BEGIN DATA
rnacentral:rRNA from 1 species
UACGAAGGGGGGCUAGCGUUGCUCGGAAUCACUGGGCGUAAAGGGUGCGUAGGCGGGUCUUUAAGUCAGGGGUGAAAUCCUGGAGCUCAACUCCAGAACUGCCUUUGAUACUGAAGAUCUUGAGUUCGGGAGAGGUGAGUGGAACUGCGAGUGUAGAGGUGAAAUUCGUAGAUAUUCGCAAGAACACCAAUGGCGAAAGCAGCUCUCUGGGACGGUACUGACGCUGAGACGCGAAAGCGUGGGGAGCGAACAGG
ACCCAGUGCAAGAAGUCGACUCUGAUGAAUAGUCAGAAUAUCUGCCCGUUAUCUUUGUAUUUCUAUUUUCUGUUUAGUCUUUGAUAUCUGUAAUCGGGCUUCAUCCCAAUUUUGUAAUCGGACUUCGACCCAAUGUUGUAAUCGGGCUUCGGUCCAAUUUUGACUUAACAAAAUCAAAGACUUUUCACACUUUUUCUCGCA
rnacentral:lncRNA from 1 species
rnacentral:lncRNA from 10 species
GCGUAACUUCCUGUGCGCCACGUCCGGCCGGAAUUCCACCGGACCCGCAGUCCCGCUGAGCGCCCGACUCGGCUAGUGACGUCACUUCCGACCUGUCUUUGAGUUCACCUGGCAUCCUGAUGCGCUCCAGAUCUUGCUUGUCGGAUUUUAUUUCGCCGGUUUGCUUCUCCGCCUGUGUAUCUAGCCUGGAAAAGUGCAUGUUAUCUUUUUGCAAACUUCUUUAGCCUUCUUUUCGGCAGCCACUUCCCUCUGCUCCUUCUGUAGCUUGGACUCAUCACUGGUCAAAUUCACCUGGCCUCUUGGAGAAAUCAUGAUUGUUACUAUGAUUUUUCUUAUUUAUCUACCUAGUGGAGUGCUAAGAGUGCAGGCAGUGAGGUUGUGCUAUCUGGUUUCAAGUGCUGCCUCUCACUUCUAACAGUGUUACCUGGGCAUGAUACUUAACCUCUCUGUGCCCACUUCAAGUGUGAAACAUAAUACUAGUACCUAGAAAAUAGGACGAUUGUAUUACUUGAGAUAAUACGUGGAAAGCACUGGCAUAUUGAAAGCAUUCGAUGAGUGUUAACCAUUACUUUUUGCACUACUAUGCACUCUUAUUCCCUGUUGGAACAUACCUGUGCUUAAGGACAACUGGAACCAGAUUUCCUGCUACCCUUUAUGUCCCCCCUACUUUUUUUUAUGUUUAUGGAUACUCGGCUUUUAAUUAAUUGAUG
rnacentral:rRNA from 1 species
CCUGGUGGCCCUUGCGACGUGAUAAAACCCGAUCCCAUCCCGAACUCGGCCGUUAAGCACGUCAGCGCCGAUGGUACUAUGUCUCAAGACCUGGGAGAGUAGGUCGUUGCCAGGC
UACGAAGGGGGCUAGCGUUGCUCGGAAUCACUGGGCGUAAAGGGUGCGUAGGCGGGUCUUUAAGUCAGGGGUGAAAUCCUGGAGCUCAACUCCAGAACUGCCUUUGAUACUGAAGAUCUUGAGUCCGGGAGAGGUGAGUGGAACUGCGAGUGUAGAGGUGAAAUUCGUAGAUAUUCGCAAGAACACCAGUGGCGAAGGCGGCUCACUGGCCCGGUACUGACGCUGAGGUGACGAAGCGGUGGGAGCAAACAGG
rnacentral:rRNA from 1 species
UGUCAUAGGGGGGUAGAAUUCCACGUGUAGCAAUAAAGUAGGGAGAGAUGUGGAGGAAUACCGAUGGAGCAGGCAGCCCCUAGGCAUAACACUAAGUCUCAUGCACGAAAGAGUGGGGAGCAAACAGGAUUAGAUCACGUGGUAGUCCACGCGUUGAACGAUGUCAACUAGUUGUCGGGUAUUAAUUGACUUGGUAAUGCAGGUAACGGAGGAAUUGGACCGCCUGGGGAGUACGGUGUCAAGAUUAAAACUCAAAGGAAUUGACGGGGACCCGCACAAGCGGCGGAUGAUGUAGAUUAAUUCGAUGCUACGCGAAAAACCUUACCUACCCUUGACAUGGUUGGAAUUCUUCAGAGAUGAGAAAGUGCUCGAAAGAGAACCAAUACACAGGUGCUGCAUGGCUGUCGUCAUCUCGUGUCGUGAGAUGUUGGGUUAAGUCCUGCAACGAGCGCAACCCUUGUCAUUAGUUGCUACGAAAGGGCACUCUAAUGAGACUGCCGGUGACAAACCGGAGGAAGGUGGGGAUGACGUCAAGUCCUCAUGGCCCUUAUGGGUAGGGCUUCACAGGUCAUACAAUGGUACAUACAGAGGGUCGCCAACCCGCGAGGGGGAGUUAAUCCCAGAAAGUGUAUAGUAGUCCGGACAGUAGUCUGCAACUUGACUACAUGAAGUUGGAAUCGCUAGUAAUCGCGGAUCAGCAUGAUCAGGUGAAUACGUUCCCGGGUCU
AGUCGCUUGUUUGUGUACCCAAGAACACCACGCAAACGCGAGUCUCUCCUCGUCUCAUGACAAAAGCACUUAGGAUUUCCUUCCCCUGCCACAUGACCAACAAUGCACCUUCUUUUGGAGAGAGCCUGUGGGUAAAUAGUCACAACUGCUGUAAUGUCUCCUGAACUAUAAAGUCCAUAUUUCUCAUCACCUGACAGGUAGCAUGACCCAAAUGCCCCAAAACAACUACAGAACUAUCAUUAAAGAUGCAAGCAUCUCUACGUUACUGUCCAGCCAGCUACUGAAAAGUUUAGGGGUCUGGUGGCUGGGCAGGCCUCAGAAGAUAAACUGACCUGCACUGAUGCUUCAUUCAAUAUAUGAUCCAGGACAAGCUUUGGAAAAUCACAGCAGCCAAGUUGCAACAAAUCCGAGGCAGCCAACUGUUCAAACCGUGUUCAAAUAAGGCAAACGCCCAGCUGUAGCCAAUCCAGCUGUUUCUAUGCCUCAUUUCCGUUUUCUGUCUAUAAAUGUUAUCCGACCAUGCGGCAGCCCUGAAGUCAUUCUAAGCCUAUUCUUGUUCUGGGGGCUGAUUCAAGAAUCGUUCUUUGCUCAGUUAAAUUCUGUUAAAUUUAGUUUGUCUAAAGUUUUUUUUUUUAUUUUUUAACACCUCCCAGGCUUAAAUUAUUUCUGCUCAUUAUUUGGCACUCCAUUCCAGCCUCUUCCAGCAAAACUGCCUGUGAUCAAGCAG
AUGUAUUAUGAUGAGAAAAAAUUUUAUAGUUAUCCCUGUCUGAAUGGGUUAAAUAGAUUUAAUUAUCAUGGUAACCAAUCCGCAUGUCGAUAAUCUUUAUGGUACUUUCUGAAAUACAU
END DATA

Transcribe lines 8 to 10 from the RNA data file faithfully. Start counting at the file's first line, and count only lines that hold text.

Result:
CCUGGUGGCCCUUGCGACGUGAUAAAACCCGAUCCCAUCCCGAACUCGGCCGUUAAGCACGUCAGCGCCGAUGGUACUAUGUCUCAAGACCUGGGAGAGUAGGUCGUUGCCAGGC
UACGAAGGGGGCUAGCGUUGCUCGGAAUCACUGGGCGUAAAGGGUGCGUAGGCGGGUCUUUAAGUCAGGGGUGAAAUCCUGGAGCUCAACUCCAGAACUGCCUUUGAUACUGAAGAUCUUGAGUCCGGGAGAGGUGAGUGGAACUGCGAGUGUAGAGGUGAAAUUCGUAGAUAUUCGCAAGAACACCAGUGGCGAAGGCGGCUCACUGGCCCGGUACUGACGCUGAGGUGACGAAGCGGUGGGAGCAAACAGG
rnacentral:rRNA from 1 species